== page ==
Dr. Ankur Saurav

MBBS (Gold Medalist)
DNB Orthopedics
Diploma in Orthopedics
Fellowship in Arthroplasty (Joint Replacement), Revision Arthroplasty and Arthroscopy (Munich, Germany)
Fellowship in Sports Medicine (ISAKOS: International Society of Arthoscopy, Knee Surgery And Orthopedic Sports Medicine)

When Should I Have My Knee Replacement?

- A Surgeon Perspective

  • Written By Dr.Ankur Saurav
  • Orthopedics Surgeon,
  • Fellowship in Joint Replacement(Germany)
  • Fellowship in Sports medicine (ISAKOS)

This is a very frequent query from my patients in my OPD. Sometimes the answer is straight forward but very oftenly it requires a thoughtful analysis involving multiple intricacies.

Lets do some logical deductions:

Point 1: Your quality of life is severly affected by your knee arthritis and you have tried all conservative methods for sufficient time(pain killers,  injection, physiotherapy,  braces) to get relief but all went in vain.

Point 2: After evaluation of your xrays and other clinical test by your Knee surgeon you had been diagnosed to have advance knee Arthritis.

So That's it! If you fulfill both point 1 and point 2 then its time to go for Knee Replacement. Right?

Yes for many patients these are the two ruling factors. However for many it is much more complex and requires brain storming analysis.

So know you known that 1+2 is not equal to Knee Replacement in every patient.

Lets take a tour of decision making from a Surgeon perspective:

  • Do as surgeon I am more inclined to operate? The answer is "NO". So what is our primary concerns?

1. We want your knee Replacement to be very successful in improving your quality of life and significant reduction in pain. This outcome gives us huge satisfaction and pride in our work.

2. We want your recovery to be uneventful and smooth.  This doesn't mean that we don't manage complicated patient but it is always better to avoid complications in the first place.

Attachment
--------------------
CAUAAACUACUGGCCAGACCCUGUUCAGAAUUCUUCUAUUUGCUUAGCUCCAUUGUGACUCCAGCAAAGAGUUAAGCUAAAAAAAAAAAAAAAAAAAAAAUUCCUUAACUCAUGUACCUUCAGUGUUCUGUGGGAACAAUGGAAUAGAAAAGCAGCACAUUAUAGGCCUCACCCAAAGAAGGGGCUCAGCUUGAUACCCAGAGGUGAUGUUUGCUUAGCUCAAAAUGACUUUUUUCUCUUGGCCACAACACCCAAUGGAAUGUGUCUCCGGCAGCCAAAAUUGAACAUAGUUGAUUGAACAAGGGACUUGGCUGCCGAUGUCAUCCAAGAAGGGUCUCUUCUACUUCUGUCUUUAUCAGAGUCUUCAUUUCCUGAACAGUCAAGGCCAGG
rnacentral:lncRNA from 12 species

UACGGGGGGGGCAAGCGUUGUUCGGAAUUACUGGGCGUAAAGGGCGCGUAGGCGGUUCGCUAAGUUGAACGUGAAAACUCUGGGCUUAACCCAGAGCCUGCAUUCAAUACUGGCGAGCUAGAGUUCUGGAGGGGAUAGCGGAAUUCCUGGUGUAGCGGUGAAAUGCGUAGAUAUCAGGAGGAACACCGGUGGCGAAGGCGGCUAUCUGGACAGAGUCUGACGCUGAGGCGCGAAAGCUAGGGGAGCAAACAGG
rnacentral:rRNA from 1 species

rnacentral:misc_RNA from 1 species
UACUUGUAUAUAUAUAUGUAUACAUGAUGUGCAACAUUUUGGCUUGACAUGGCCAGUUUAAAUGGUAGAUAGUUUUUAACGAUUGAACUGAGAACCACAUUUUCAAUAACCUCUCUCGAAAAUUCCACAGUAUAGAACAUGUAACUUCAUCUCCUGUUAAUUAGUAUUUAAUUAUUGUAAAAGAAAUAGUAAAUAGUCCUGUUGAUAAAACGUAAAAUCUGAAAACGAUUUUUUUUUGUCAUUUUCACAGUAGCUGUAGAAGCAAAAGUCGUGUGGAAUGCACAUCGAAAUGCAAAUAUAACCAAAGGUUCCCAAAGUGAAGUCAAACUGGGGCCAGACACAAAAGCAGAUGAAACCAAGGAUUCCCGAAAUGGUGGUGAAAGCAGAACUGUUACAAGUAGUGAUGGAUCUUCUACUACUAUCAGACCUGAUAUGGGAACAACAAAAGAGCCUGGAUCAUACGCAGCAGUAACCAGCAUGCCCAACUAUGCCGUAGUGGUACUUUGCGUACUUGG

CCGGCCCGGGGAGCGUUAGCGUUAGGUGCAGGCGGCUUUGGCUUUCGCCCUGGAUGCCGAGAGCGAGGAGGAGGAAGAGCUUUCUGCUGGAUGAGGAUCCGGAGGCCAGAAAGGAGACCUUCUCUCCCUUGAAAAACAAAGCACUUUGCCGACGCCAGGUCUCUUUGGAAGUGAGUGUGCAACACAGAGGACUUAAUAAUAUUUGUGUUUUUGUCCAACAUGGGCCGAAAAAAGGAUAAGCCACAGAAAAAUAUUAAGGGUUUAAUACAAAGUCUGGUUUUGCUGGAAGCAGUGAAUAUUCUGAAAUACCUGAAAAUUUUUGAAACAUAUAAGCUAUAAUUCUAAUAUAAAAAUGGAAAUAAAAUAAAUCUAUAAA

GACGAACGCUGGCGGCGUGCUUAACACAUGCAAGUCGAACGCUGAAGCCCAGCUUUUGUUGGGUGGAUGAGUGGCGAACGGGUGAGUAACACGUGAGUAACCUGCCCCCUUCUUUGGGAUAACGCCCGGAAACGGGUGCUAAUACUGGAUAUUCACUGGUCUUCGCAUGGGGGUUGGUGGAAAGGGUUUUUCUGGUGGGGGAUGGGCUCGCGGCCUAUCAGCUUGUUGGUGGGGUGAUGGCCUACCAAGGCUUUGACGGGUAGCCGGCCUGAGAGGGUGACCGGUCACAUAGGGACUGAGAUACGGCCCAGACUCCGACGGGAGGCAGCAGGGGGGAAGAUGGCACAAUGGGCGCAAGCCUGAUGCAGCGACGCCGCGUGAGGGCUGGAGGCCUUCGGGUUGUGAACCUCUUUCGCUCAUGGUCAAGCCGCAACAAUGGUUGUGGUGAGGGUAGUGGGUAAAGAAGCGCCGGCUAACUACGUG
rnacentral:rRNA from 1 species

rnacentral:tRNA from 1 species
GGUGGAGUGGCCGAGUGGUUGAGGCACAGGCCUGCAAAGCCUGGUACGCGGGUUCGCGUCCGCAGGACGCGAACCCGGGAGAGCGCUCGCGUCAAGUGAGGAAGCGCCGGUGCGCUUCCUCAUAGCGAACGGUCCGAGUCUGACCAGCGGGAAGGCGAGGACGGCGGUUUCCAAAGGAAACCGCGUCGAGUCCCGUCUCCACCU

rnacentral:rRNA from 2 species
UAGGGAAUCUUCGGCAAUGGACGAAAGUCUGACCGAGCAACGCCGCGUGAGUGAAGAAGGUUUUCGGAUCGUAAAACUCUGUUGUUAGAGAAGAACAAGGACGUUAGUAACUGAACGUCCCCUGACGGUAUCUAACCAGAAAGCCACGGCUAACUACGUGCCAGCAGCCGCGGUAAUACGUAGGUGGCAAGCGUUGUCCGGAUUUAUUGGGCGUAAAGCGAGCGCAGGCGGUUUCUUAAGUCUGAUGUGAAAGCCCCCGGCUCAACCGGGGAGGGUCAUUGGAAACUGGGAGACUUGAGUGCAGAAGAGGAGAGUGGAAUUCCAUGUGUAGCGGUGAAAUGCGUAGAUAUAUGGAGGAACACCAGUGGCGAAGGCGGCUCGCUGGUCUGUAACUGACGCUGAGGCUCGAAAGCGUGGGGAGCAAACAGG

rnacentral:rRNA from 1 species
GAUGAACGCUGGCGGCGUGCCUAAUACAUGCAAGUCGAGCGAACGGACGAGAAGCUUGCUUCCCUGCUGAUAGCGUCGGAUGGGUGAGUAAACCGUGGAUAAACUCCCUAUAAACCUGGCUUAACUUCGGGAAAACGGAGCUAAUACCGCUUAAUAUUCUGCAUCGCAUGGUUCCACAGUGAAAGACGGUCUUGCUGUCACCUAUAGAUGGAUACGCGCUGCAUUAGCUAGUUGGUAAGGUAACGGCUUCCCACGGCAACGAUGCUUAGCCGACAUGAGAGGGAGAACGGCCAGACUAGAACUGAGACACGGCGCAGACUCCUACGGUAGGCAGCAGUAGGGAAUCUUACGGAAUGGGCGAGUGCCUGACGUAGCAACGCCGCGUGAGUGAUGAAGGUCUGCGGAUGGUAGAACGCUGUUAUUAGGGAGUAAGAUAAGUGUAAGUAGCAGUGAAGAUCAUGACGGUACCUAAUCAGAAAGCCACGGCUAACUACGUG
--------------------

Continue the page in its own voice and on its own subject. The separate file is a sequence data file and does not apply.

Thus many patients coming to me is not an ideal patient because of multiple different problems like diabetes, stroke, chronic kidney disease,  chronic liver disease,  heart attack, morbid obesity other joints damaged, chronic low back pain etc etc...

  • As your Knee specialist, I need to decide:

1.That do we want to take that risk with you.

2. Also are you as a patient willing to try to mitigate this risk factors?

3.Even if you tried could you be successful?

The answer to these questions is somtime very complex to find but if our approach is methodical and scientific it is not impossible to reach a conclusion

I explain you with example:

1.Suppose a patient with advance Knee Arthritis leading to severe  compromise in day to day activities, is having obesity(BMI >30) and uncontrolled diabetes with stenting done for heart problem, age something between 60 years to 70 years can we do knee Replacement in this patient?

  • The first thing which I assess is your willingness to get rid of your knee pain and your will power towards it, next deduction is based on scientific literature that because of immobility your blood sugar is very tough to be controlled and your obesity will keep on increasing as you are not moving much and thus these two factors can make you seriously ill in future if left unaddressed. So in these patients we must try to operate as this will not only relive the knee pain but also increase his longevity and thanks to morden advances in medical services that we can carefully take this risk. But again their is a caveat many a times you will not choose to operate if medical problems are to alarming and life threatening.

2.One more example: A patient with advanced knee Arthritis with chronic low back pain(due to sever secondary degenerative lumbar spine)  and multiple joint pain age 55 years to 70 years, should we operate?

  • Now here I ask my patient "if I fix your knee right know and it felt great, would this significantly improve your life quality? Would you be able to get out of your house and do the activities you are missing presently. Sometimes the answer is "YES" but sometimes they feel that they may not be able to perform well even if knee is corrected(So no knee surgery should be offered in this case straight away).

Thus as a patient you must consider the following:

1. Are you mentally ready to go for major surgery(A patient with great motivation and will power to perform after knee replacement is found to do excellent even after lots of comorbidities)?

2. Do you have a realistic expectation?

3. Do you fully understand the timeline of recovery?  I will be writing in my next blogs to help my patients more on above questions

To conclude I tell my patient " You will know when you are ready" and it is wise to do net practice(knowing risks and benefits) before going for a tournament.

Feel free to write to me as I know their are many more you want to know.